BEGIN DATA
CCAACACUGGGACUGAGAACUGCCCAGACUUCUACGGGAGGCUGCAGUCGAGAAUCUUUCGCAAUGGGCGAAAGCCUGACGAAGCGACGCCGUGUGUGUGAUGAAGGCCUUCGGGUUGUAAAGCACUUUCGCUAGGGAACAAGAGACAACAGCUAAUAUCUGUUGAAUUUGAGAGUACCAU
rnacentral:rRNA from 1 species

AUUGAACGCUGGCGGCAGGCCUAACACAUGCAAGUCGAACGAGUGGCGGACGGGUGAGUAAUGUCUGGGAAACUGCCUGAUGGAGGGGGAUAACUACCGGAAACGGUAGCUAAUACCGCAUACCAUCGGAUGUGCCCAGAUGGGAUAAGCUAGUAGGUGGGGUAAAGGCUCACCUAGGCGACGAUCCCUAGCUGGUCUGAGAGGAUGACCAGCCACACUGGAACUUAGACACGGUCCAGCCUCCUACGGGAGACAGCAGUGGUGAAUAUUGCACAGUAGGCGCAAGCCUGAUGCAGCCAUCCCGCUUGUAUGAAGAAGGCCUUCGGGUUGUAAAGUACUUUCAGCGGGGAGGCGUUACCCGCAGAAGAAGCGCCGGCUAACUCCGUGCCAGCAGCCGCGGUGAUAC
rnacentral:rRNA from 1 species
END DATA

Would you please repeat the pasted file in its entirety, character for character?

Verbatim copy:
CCAACACUGGGACUGAGAACUGCCCAGACUUCUACGGGAGGCUGCAGUCGAGAAUCUUUCGCAAUGGGCGAAAGCCUGACGAAGCGACGCCGUGUGUGUGAUGAAGGCCUUCGGGUUGUAAAGCACUUUCGCUAGGGAACAAGAGACAACAGCUAAUAUCUGUUGAAUUUGAGAGUACCAU
rnacentral:rRNA from 1 species

AUUGAACGCUGGCGGCAGGCCUAACACAUGCAAGUCGAACGAGUGGCGGACGGGUGAGUAAUGUCUGGGAAACUGCCUGAUGGAGGGGGAUAACUACCGGAAACGGUAGCUAAUACCGCAUACCAUCGGAUGUGCCCAGAUGGGAUAAGCUAGUAGGUGGGGUAAAGGCUCACCUAGGCGACGAUCCCUAGCUGGUCUGAGAGGAUGACCAGCCACACUGGAACUUAGACACGGUCCAGCCUCCUACGGGAGACAGCAGUGGUGAAUAUUGCACAGUAGGCGCAAGCCUGAUGCAGCCAUCCCGCUUGUAUGAAGAAGGCCUUCGGGUUGUAAAGUACUUUCAGCGGGGAGGCGUUACCCGCAGAAGAAGCGCCGGCUAACUCCGUGCCAGCAGCCGCGGUGAUAC
rnacentral:rRNA from 1 species